« AnteriorContinuar »
"kind, that it is more truly august in proportion to "the extent of its influence, and the number that is "properly affected by it, as it is more truly great to "be the instrument of good to many who stand in "need of our assistance, than to a very small part of "that number."
I have no doubt of your being convinced of the utility of this lower kind of Tragedy as you have established the strength of Lillo's argument by your own practice. The encouragement you gave to Moore's Tragedy of the Gamester will be an acknowledged proof of what I assert, and I have reason to believe that some successful scenes in that pathetic play were indebted to you for more than their representation.
It was the misfortune of Lillo to compose many of his plays during a period when the stage was governed by two managers of very opposite taste, but equally inconsistent in their conduct with the interest of authors and actors, and the reasonable entertainment of the public.
The one, it is said, had early imbibed a strange dislike to plays and players; either from some par- ticular prejudices which cannot now be easily ascer tained, or, which is more probable, from any uncommon fondness for an exotic species of Theatrical entertainment, called Pantomime: It is confessed that he carried this excrescence of the stage to its utmost perfection, and was universally esteemed a most excellent performer in the mummeries of his own contriving.
Besides, it cannot be denied that the same man was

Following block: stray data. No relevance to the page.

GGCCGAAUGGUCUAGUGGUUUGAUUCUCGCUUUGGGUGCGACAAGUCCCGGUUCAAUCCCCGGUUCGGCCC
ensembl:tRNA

a happy superintender of all pomps and ceremonies; be excelled in planning magnificent shews, such as coronations and triumphal entries, christenings, marriages and funerals, and all kind of processions, and spared no cost to decorate them.
His rival manager of the other theatre was so far from having the least relish for dramatic poetry, that although he was a gentleman of birth and fortune, one easy in his behaviour and polite in his address, his greatest pleasure consisted in the encouragement of low athletics and mean buffoons, of wrestlers and boxers, of dancers and tumblers, by whose assistance and advice, he brought all Sadlers Wells upon the stage, and gave various exhibitions of tall monsters and ridiculous mountebanks.
It must be granted that during the period I am speaking of, that is, from 1734 to 1739, this manager was prevailed upon to act Lillo's Christian Hero and that he revived several of Shakspeare's Plays; particularly, As You Like It, and the Merchant of Venice, in which Quiu, Macklin, Chapman, Mrs. Pritchard and Mrs. Clive, appeared to great advantage.
With such managers Lillo's plain sense and unaffected manners could hope for little encouragement.
Had he lived to see the happy revolution in the government of the Theatre introduced by you, he would have rejoiced to behold the greatest genius and most indefatigable industry constantly employed to render the stage respectable as well as flourishing, and the most consummate actor and judicious mana
ger not only the avowed patron as well as kind instructor of actors, but the friend and fellow labourer of authors.